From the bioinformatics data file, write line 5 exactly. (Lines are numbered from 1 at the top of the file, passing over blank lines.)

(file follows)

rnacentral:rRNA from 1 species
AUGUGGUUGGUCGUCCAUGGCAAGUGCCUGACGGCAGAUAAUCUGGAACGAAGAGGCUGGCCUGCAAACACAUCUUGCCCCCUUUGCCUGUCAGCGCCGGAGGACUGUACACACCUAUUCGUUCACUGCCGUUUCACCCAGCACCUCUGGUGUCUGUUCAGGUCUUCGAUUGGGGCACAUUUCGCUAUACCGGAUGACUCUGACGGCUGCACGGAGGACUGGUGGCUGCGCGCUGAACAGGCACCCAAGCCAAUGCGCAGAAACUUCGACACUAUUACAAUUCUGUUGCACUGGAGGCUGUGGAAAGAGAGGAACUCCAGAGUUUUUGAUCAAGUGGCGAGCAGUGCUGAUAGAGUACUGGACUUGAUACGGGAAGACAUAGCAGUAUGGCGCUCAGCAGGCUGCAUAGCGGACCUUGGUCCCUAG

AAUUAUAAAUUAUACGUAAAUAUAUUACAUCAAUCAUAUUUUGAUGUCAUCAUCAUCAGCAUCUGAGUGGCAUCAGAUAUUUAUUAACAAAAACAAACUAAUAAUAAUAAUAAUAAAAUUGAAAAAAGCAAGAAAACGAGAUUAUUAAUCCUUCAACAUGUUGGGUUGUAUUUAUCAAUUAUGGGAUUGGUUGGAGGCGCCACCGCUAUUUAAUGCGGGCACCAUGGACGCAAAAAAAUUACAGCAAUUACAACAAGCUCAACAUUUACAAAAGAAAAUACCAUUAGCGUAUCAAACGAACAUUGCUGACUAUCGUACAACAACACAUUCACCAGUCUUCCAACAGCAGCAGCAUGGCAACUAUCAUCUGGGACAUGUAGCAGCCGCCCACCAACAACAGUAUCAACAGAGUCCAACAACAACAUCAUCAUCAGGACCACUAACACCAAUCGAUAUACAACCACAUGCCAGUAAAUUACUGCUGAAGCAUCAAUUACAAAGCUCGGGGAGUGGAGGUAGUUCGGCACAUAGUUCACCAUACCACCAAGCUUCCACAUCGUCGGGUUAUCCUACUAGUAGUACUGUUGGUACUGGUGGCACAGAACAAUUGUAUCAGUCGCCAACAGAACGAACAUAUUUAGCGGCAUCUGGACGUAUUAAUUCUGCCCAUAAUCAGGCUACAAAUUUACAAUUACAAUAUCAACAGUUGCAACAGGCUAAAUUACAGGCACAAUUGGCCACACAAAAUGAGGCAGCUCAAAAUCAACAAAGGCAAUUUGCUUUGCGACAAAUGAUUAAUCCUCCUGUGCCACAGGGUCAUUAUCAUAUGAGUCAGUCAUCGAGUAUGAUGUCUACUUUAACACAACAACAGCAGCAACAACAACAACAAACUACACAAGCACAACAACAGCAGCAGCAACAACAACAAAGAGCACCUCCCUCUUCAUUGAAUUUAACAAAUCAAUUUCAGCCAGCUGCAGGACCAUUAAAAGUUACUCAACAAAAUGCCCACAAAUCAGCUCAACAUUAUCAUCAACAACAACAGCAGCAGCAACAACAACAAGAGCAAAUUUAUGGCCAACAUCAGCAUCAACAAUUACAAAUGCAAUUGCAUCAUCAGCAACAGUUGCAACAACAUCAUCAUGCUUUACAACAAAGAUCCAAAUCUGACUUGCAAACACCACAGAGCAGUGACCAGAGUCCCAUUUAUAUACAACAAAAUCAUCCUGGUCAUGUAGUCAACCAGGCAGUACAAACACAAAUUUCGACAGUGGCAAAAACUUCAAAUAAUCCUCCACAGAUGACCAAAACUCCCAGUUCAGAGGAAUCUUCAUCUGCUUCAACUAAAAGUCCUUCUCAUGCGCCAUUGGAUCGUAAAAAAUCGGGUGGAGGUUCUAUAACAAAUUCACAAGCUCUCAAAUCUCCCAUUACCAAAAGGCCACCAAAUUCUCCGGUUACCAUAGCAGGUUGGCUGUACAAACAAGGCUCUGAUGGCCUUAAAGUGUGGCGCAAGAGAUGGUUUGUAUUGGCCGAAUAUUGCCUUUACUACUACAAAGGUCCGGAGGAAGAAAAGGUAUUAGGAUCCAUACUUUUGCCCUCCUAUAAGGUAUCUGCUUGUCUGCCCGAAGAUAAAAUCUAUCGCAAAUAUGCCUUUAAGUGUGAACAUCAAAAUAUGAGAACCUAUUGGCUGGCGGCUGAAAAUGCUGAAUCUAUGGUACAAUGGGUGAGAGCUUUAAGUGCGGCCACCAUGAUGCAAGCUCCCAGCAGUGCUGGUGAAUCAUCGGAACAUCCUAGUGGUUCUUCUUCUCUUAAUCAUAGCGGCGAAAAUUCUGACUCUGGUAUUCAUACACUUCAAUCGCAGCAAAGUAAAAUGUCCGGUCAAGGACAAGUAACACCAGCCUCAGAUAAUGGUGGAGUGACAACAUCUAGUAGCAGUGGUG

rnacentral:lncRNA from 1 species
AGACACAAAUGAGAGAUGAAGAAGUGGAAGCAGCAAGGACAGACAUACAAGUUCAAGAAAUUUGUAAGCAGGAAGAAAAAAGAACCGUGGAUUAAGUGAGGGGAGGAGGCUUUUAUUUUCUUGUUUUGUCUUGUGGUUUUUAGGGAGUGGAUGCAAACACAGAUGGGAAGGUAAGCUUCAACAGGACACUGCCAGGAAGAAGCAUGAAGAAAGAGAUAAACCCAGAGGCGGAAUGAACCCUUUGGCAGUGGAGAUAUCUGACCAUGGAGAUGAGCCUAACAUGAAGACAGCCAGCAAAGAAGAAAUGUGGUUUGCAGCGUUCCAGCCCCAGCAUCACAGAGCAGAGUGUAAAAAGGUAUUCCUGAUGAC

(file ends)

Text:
AGACACAAAUGAGAGAUGAAGAAGUGGAAGCAGCAAGGACAGACAUACAAGUUCAAGAAAUUUGUAAGCAGGAAGAAAAAAGAACCGUGGAUUAAGUGAGGGGAGGAGGCUUUUAUUUUCUUGUUUUGUCUUGUGGUUUUUAGGGAGUGGAUGCAAACACAGAUGGGAAGGUAAGCUUCAACAGGACACUGCCAGGAAGAAGCAUGAAGAAAGAGAUAAACCCAGAGGCGGAAUGAACCCUUUGGCAGUGGAGAUAUCUGACCAUGGAGAUGAGCCUAACAUGAAGACAGCCAGCAAAGAAGAAAUGUGGUUUGCAGCGUUCCAGCCCCAGCAUCACAGAGCAGAGUGUAAAAAGGUAUUCCUGAUGAC